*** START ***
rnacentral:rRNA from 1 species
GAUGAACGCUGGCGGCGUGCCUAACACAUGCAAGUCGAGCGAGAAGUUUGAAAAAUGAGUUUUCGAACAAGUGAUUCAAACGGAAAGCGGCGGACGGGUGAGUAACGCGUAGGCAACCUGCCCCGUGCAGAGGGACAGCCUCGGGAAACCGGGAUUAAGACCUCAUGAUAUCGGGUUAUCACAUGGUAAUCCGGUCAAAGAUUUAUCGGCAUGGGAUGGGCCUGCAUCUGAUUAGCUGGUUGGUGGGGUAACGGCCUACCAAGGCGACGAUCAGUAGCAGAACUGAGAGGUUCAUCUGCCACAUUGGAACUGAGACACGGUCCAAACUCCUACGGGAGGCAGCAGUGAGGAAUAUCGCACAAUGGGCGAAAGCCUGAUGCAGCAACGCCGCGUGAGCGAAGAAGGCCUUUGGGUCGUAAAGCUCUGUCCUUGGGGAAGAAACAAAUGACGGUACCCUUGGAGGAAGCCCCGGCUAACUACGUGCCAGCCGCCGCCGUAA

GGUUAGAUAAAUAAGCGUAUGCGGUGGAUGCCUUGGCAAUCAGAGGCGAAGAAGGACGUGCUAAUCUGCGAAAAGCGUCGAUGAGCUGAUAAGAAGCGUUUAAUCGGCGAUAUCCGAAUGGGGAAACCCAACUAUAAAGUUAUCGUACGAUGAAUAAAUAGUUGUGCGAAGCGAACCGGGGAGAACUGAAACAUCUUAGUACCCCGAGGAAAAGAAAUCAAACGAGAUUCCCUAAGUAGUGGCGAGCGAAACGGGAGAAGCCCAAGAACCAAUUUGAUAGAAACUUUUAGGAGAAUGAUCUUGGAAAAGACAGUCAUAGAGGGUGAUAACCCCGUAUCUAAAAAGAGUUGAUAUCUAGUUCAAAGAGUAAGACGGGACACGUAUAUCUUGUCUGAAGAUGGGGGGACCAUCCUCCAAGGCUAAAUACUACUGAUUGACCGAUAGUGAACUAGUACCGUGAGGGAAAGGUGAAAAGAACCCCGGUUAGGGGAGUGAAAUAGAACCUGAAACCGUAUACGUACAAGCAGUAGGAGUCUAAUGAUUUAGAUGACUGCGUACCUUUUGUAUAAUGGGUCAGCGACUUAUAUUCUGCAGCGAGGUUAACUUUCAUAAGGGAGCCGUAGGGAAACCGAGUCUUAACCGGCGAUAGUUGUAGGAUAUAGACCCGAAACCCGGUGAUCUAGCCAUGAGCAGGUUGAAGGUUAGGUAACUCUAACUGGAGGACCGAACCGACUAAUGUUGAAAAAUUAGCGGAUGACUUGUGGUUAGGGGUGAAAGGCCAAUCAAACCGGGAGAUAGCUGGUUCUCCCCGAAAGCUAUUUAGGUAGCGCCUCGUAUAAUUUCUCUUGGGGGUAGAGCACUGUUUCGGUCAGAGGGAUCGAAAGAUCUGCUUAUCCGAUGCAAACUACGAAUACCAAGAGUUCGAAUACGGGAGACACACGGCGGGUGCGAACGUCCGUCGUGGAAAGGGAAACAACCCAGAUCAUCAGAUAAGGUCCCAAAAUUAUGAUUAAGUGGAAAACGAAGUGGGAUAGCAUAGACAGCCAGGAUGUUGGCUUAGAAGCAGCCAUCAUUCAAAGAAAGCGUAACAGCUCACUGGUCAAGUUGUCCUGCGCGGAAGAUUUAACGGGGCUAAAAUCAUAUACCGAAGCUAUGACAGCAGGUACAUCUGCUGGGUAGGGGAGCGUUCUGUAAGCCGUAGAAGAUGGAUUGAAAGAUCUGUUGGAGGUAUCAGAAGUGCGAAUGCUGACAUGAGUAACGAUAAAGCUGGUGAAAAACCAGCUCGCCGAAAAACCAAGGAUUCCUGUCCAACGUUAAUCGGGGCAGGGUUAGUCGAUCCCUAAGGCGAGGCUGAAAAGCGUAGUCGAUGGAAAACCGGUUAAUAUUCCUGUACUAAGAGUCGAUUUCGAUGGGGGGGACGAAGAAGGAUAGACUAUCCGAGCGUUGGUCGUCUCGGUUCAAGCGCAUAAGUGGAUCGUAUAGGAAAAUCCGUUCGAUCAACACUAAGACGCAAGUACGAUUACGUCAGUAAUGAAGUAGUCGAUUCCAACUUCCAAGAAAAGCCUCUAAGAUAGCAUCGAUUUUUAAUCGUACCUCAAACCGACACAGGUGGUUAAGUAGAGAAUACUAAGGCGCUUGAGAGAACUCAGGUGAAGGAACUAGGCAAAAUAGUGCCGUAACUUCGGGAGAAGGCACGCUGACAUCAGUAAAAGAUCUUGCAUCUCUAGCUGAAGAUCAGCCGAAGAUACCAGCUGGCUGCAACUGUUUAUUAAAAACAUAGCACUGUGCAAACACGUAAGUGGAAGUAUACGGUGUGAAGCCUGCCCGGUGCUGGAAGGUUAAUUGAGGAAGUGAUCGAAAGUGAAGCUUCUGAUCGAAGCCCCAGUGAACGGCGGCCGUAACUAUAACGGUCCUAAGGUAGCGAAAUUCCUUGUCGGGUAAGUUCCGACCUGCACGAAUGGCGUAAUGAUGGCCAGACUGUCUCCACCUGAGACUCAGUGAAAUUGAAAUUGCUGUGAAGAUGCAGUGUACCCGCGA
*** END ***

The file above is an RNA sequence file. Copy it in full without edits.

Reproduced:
rnacentral:rRNA from 1 species
GAUGAACGCUGGCGGCGUGCCUAACACAUGCAAGUCGAGCGAGAAGUUUGAAAAAUGAGUUUUCGAACAAGUGAUUCAAACGGAAAGCGGCGGACGGGUGAGUAACGCGUAGGCAACCUGCCCCGUGCAGAGGGACAGCCUCGGGAAACCGGGAUUAAGACCUCAUGAUAUCGGGUUAUCACAUGGUAAUCCGGUCAAAGAUUUAUCGGCAUGGGAUGGGCCUGCAUCUGAUUAGCUGGUUGGUGGGGUAACGGCCUACCAAGGCGACGAUCAGUAGCAGAACUGAGAGGUUCAUCUGCCACAUUGGAACUGAGACACGGUCCAAACUCCUACGGGAGGCAGCAGUGAGGAAUAUCGCACAAUGGGCGAAAGCCUGAUGCAGCAACGCCGCGUGAGCGAAGAAGGCCUUUGGGUCGUAAAGCUCUGUCCUUGGGGAAGAAACAAAUGACGGUACCCUUGGAGGAAGCCCCGGCUAACUACGUGCCAGCCGCCGCCGUAA

GGUUAGAUAAAUAAGCGUAUGCGGUGGAUGCCUUGGCAAUCAGAGGCGAAGAAGGACGUGCUAAUCUGCGAAAAGCGUCGAUGAGCUGAUAAGAAGCGUUUAAUCGGCGAUAUCCGAAUGGGGAAACCCAACUAUAAAGUUAUCGUACGAUGAAUAAAUAGUUGUGCGAAGCGAACCGGGGAGAACUGAAACAUCUUAGUACCCCGAGGAAAAGAAAUCAAACGAGAUUCCCUAAGUAGUGGCGAGCGAAACGGGAGAAGCCCAAGAACCAAUUUGAUAGAAACUUUUAGGAGAAUGAUCUUGGAAAAGACAGUCAUAGAGGGUGAUAACCCCGUAUCUAAAAAGAGUUGAUAUCUAGUUCAAAGAGUAAGACGGGACACGUAUAUCUUGUCUGAAGAUGGGGGGACCAUCCUCCAAGGCUAAAUACUACUGAUUGACCGAUAGUGAACUAGUACCGUGAGGGAAAGGUGAAAAGAACCCCGGUUAGGGGAGUGAAAUAGAACCUGAAACCGUAUACGUACAAGCAGUAGGAGUCUAAUGAUUUAGAUGACUGCGUACCUUUUGUAUAAUGGGUCAGCGACUUAUAUUCUGCAGCGAGGUUAACUUUCAUAAGGGAGCCGUAGGGAAACCGAGUCUUAACCGGCGAUAGUUGUAGGAUAUAGACCCGAAACCCGGUGAUCUAGCCAUGAGCAGGUUGAAGGUUAGGUAACUCUAACUGGAGGACCGAACCGACUAAUGUUGAAAAAUUAGCGGAUGACUUGUGGUUAGGGGUGAAAGGCCAAUCAAACCGGGAGAUAGCUGGUUCUCCCCGAAAGCUAUUUAGGUAGCGCCUCGUAUAAUUUCUCUUGGGGGUAGAGCACUGUUUCGGUCAGAGGGAUCGAAAGAUCUGCUUAUCCGAUGCAAACUACGAAUACCAAGAGUUCGAAUACGGGAGACACACGGCGGGUGCGAACGUCCGUCGUGGAAAGGGAAACAACCCAGAUCAUCAGAUAAGGUCCCAAAAUUAUGAUUAAGUGGAAAACGAAGUGGGAUAGCAUAGACAGCCAGGAUGUUGGCUUAGAAGCAGCCAUCAUUCAAAGAAAGCGUAACAGCUCACUGGUCAAGUUGUCCUGCGCGGAAGAUUUAACGGGGCUAAAAUCAUAUACCGAAGCUAUGACAGCAGGUACAUCUGCUGGGUAGGGGAGCGUUCUGUAAGCCGUAGAAGAUGGAUUGAAAGAUCUGUUGGAGGUAUCAGAAGUGCGAAUGCUGACAUGAGUAACGAUAAAGCUGGUGAAAAACCAGCUCGCCGAAAAACCAAGGAUUCCUGUCCAACGUUAAUCGGGGCAGGGUUAGUCGAUCCCUAAGGCGAGGCUGAAAAGCGUAGUCGAUGGAAAACCGGUUAAUAUUCCUGUACUAAGAGUCGAUUUCGAUGGGGGGGACGAAGAAGGAUAGACUAUCCGAGCGUUGGUCGUCUCGGUUCAAGCGCAUAAGUGGAUCGUAUAGGAAAAUCCGUUCGAUCAACACUAAGACGCAAGUACGAUUACGUCAGUAAUGAAGUAGUCGAUUCCAACUUCCAAGAAAAGCCUCUAAGAUAGCAUCGAUUUUUAAUCGUACCUCAAACCGACACAGGUGGUUAAGUAGAGAAUACUAAGGCGCUUGAGAGAACUCAGGUGAAGGAACUAGGCAAAAUAGUGCCGUAACUUCGGGAGAAGGCACGCUGACAUCAGUAAAAGAUCUUGCAUCUCUAGCUGAAGAUCAGCCGAAGAUACCAGCUGGCUGCAACUGUUUAUUAAAAACAUAGCACUGUGCAAACACGUAAGUGGAAGUAUACGGUGUGAAGCCUGCCCGGUGCUGGAAGGUUAAUUGAGGAAGUGAUCGAAAGUGAAGCUUCUGAUCGAAGCCCCAGUGAACGGCGGCCGUAACUAUAACGGUCCUAAGGUAGCGAAAUUCCUUGUCGGGUAAGUUCCGACCUGCACGAAUGGCGUAAUGAUGGCCAGACUGUCUCCACCUGAGACUCAGUGAAAUUGAAAUUGCUGUGAAGAUGCAGUGUACCCGCGA